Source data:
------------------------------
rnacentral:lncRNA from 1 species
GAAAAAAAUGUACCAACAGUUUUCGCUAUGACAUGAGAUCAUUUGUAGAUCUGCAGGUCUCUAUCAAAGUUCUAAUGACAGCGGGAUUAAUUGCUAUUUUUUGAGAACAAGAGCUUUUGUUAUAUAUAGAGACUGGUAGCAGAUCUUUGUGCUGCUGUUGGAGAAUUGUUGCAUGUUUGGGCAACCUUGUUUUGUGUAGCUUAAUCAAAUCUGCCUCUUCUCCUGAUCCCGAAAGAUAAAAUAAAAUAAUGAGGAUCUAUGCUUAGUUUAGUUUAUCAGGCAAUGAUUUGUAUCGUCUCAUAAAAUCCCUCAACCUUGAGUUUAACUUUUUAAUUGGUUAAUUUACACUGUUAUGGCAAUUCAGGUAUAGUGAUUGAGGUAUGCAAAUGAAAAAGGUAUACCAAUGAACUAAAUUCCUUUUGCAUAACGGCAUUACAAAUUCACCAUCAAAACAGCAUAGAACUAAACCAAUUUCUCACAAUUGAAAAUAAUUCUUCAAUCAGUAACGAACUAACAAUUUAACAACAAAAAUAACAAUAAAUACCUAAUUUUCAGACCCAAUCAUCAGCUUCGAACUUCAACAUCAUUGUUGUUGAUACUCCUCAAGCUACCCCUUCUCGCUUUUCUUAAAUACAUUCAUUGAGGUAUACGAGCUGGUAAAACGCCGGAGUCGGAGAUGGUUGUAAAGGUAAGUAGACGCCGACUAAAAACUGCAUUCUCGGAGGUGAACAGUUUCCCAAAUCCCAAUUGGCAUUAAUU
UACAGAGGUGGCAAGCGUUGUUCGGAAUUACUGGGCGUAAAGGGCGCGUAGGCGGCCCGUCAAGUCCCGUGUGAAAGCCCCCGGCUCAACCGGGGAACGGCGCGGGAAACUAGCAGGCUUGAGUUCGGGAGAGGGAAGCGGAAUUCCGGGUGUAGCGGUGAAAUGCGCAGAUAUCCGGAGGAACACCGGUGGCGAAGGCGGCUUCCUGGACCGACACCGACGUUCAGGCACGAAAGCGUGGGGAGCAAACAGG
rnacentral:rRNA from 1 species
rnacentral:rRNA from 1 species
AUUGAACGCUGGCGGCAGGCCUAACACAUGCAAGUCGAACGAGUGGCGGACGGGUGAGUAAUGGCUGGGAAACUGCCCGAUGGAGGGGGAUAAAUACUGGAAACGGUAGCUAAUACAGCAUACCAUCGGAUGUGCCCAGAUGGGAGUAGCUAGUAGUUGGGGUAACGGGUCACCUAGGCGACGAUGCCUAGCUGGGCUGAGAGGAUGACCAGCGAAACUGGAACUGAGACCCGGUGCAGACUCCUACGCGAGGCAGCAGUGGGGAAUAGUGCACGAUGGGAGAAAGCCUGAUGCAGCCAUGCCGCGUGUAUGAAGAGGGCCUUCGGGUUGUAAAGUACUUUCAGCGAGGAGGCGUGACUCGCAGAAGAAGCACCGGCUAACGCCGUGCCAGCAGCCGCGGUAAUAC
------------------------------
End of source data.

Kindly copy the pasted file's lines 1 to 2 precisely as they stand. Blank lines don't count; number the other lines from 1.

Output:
rnacentral:lncRNA from 1 species
GAAAAAAAUGUACCAACAGUUUUCGCUAUGACAUGAGAUCAUUUGUAGAUCUGCAGGUCUCUAUCAAAGUUCUAAUGACAGCGGGAUUAAUUGCUAUUUUUUGAGAACAAGAGCUUUUGUUAUAUAUAGAGACUGGUAGCAGAUCUUUGUGCUGCUGUUGGAGAAUUGUUGCAUGUUUGGGCAACCUUGUUUUGUGUAGCUUAAUCAAAUCUGCCUCUUCUCCUGAUCCCGAAAGAUAAAAUAAAAUAAUGAGGAUCUAUGCUUAGUUUAGUUUAUCAGGCAAUGAUUUGUAUCGUCUCAUAAAAUCCCUCAACCUUGAGUUUAACUUUUUAAUUGGUUAAUUUACACUGUUAUGGCAAUUCAGGUAUAGUGAUUGAGGUAUGCAAAUGAAAAAGGUAUACCAAUGAACUAAAUUCCUUUUGCAUAACGGCAUUACAAAUUCACCAUCAAAACAGCAUAGAACUAAACCAAUUUCUCACAAUUGAAAAUAAUUCUUCAAUCAGUAACGAACUAACAAUUUAACAACAAAAAUAACAAUAAAUACCUAAUUUUCAGACCCAAUCAUCAGCUUCGAACUUCAACAUCAUUGUUGUUGAUACUCCUCAAGCUACCCCUUCUCGCUUUUCUUAAAUACAUUCAUUGAGGUAUACGAGCUGGUAAAACGCCGGAGUCGGAGAUGGUUGUAAAGGUAAGUAGACGCCGACUAAAAACUGCAUUCUCGGAGGUGAACAGUUUCCCAAAUCCCAAUUGGCAUUAAUU